With the development of optical manufacturing and measurement methods, precision optical elements are used extensively in various fields. As the beam scattering and energy loss caused by the surface defects of optical elements will reduce the lifetime of optical elements and the performance of optical systems, it is important to detect and evaluate the surface defects. However, several technical challenges remain in the surface defect detection of spherical optical elements. In this paper, a spherical defect detection experiment based on the dark-field imaging principle is proposed. The surfaces of two convex spherical optical elements are detected. Meanwhile, the illumination module is improved through experiments. The experimental results are compared with those of a white light interferometer, thereby demonstrating the validity of the method.
The precise characterization of flat substrates is quite challenging for X-ray optics in synchrotron and free electron lasers. The surface requirements for the substrates are on the order of magnitude of few nanometers and sub-nanometers, which is also a great challenge for optical fabrication and testing. As for precise metrology, the core problem is to characterize the surface figure with high accuracy. And the key is to separate the errors of the measurement instrument from the intrinsic figure error of the surface under test. In addition, the surface figure of thin optics is largely affected by surface deformations due to gravity. In the paper, we presented an approach to achieve absolute planarity measurement of a thin x-ray mirror substrate through an interferometric method. With a liquid-flat reference using dimethyl silicone oil, the power term of the surface flatness of the interferometer transmission flat is retrieved. By floating the mirror on a heavy, high density liquid, deflections introduced by gravity are essentially eliminated. The unconstrained, floated x-ray mirror is tested through several rotational and translational shears. The absolute figure error is then calculated by iterative algorithm with pixel-level spatial resolution. By the proposed approach, both the interferometer transmission flat error and gravity-induced error are calibrated. Thus the unconstrained flatness of the x-ray mirror can be obtained. The method is described in detail and a measurement example of an x-ray mirror is provided in the paper.
In order to realize large-scale absolute surface reconstruction, a generalized iterative optimization method for solving the three-flat problem is studied. First, the idea of model-based absolute surface reconstruction is proposed, which considers the problems of absolute surface reconstruction as inverse problems. Then we take the three-flat problems as an example, we introduced two generalized iterative optimization methods for three-flat model. Finally, by both simulation and experiment, it is concluded that the block SOR method with an optimal relaxation factor converges much faster and saves more computational costs and memory space without reducing accuracy. Both simulation and experimental results indicate that the proposed iterative optimization methods are effective for solving the three-flat problem with pixel-level spatial resolution and the measuring precision of two separate measurements is 0.6 nm rms, and the cross-check test result is 0.8 nm rms. It is concluded that the proposed method can correctly reconstruct absolute figures with high efficiency and pixel-level spatial resolution.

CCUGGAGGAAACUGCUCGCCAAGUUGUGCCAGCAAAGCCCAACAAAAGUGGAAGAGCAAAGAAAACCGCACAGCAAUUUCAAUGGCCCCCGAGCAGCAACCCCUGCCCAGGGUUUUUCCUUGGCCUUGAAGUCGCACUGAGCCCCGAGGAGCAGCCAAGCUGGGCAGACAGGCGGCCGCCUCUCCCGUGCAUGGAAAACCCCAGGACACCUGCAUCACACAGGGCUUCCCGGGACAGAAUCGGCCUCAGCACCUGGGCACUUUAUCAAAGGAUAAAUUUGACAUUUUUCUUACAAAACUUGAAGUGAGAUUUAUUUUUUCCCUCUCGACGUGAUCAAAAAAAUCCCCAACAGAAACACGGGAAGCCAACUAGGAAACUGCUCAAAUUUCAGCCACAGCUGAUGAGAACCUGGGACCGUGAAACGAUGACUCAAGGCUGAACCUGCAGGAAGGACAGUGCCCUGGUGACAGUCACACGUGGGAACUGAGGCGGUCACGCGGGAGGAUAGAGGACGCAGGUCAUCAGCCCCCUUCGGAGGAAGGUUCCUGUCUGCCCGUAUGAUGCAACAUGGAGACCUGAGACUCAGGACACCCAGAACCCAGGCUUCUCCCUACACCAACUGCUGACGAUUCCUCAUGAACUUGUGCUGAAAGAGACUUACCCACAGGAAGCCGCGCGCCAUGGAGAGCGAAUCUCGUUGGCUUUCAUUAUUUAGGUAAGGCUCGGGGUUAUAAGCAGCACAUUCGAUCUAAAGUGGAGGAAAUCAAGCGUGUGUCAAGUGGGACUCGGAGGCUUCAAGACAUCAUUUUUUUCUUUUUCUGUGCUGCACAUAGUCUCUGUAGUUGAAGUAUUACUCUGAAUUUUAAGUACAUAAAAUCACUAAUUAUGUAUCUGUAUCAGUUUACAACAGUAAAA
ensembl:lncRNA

The result of an interferometric surface figure measurement is a height map, from which single parametric descriptors (for example the RMS) or residual maps are the most commonly used methods for determining the measurement repeatability. An alternate technique based on a standard deviation matrix is used to better describe the variation among successive measurements. A standard deviation matrix is acquired by computing standard deviation of the height map pixel by pixel. Only one standard deviation matrix can provide a spatial description of the repeatability as well as parametric descriptors (for example the mean) of the standard deviation matrix. Comparative study on the evaluation of measurement repeatability among different methods is shown by both simulation and experiment. It seems that the standard deviation matrix method is more valid to detect the variation than other techniques in the measurement of surface figure.
New method for reconstructing rotationally asymmetric surface deviation with pixel-level spatial resolution is proposed. It is based on basic iterative scheme and accelerates the Gauss-Seidel method by introducing an acceleration parameter. This modified Successive Over-relaxation (SOR) is effective for solving the rotationally asymmetric components with pixel-level spatial resolution, without the usage of a fitting procedure. Compared to the Jacobi and Gauss-Seidel method, the modified SOR method with an optimal relaxation factor converges much faster and saves more computational costs and memory space without reducing accuracy. It has been proved by real experimental results.
A convenient method to study the influence of error sources in Fizeau is to build a ray-tracing model to simulate the error sources. In this paper an interferometer model is presented; an extension program is called to simulate the interference; and a preliminary research of several error sources is conducted. These examples demonstrate error analysis based on interferometer models is feasible and provide some guidance for optimizing our interferometer design.